Art Exhibition: Race and Racism in Cuban Contemporary Art (Queloides II)

The art exhibition Queloides/Keloids: Race and Racism in Cuban Contemporary Art is taking place at the Mattress Factory in Pittsburgh, Pennsylvania, where it will be on view from October 15, 2010 until February 27, 2011. The opening will be tonight, October 15, from 6:00 to 9:00pm. The Mattress Factory is located at 500 Sampsonia Way, Pittsburgh, Pennsylvania.

This exhibit has traveled from Cuba, where it was on view at the Wifredo Lam Center for Contemporary Art in Havana from April 16 to May 31, 2010 [see previous post Art Exhibition: Queloides/Keloids]. Participating artists are Pedro Álvarez, Manuel Arenas, Belkis Ayón, María Magdalena, Juan Roberto Diago, Alexis Esquivel, Armando Marino, Marta María Pérez, René Peña, Douglas Pérez, Elio Rodríguez, and José A. Toirac. It is curated by Alejandro de la Fuente and Elio Rodriguez Valdés.

Queloides/Keloids contributes to current debates about the persistence of racism in contemporary Cuba and elsewhere in the world. The twelve artists invited to participate are renowned for their critical work on issues of race, discrimination, and identity. Several of them collaborated in three important exhibits in Havana between 1997 and 1999 (titled “Keloids I”, “Keloids II”, and “Neither Musicians nor Athletes”). The last two were curated by the late Cuban art critic Ariel Ribeaux. “Keloids” are wound-induced, pathological scars. Although any wound may result in keloids, many people in Cuba believe that black skin is particularly susceptible to them. Thus the title evokes the persistence of racial stereotypes, on the one hand, and the traumatic process of dealing with racism, discrimination, and centuries of cultural conflict, on the other hand. Queloides/Keloids includes several art forms–paintings, photographs, installations, sculptures, videos–and offers novel ways to dismantle the so-called racial differences.

Relate activities include the Educator Open House and a Teacher Professional Development Workshop. The Open House takes place on Saturday, October 16, 2010, at 1:00-4:00pm, where teachers have the opportunity to view and tour Queloides, hear co-curator Alejandro de la Fuente speak about the process of organizing this show, and meet resident artists before they head back to Cuba. This free event requires pre-registration.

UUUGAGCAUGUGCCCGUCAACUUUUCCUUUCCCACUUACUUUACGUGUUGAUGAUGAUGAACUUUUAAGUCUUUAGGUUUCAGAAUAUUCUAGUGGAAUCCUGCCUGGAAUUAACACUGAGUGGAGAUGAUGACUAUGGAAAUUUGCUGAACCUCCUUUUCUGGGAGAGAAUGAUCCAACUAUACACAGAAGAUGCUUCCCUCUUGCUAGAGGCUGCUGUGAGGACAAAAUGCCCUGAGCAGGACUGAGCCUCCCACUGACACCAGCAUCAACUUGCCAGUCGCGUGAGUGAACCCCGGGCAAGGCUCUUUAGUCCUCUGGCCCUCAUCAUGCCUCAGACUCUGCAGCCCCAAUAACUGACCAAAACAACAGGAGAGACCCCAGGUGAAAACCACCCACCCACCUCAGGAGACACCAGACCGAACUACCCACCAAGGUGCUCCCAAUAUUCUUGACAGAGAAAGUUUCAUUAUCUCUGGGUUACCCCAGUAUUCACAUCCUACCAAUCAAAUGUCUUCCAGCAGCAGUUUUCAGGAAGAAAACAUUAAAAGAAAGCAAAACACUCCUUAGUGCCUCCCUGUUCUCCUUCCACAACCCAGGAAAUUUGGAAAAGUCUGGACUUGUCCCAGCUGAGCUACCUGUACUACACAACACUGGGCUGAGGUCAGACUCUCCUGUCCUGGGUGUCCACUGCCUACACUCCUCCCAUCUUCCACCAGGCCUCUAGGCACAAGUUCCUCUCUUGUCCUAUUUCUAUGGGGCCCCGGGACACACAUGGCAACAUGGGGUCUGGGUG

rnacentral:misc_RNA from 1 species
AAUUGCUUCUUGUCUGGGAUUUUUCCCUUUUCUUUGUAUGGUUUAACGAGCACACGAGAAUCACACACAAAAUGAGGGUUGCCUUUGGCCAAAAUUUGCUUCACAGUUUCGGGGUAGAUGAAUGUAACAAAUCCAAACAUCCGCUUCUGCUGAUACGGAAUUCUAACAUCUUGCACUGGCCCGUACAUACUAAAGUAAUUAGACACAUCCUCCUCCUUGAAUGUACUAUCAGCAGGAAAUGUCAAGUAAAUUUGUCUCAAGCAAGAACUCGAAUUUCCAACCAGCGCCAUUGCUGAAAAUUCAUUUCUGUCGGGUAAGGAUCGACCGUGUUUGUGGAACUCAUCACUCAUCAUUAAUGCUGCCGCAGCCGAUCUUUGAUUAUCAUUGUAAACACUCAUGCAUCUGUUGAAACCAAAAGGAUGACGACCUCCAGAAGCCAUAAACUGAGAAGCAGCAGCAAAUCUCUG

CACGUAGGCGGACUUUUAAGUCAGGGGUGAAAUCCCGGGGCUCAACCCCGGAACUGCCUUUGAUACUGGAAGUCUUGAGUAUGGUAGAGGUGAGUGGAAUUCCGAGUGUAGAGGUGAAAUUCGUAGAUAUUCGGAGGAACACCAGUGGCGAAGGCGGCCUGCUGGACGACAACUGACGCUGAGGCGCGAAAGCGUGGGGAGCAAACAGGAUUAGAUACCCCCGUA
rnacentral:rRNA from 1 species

The Teacher Development Workshop, a hands-on, inquiry-based exploration of the art, artists, history, and contemporary politics of Cuba, takes place on Thursday evenings on October 21 & 28 and November 4 & 11, from 4:30 until 8:30pm. Throughout this four-part workshop, participants will meet co-curator Alejandro de la Fuente, work with Cuban artist María Magdalena Campos-Pons, develop lesson plans, and further their personal and academic understanding of Cuban life and art. Pre-registration required. The workshop costs $35 (includes dinner). For all activities you may call the Mattress Factory at (412) 231-3169 for details.

For Queloides, the Mattress Factory is again working in partnership with the University of Pittsburgh, in particular with the Center for Latin American Studies (CLAS). Founded in 1964, CLAS develops and coordinates resources on Latin America and the Caribbean that contribute to training experts on the region through high quality programs of graduate and undergraduate education.

The Mattress Factory is a museum of contemporary art, founded in 1977, that provides a place and complete support for artists to take risks and explore new ideas. The museum’s primary concern is to enable each artist to exercise the creative process with as much freedom and support as possible. For emerging artists, this is often the catalyst that propels their work into the national limelight; and for well-established artists, a Mattress Factory residency provides the support they need to refresh their vision or take their work in new directions.

See “Queloides” introduction at

For full description of the exhibition and the exhibition venues, see

See Alexis Esquivel Bermudez’ “Héroe poscolonial” and review of the Queloides II exhibition, at

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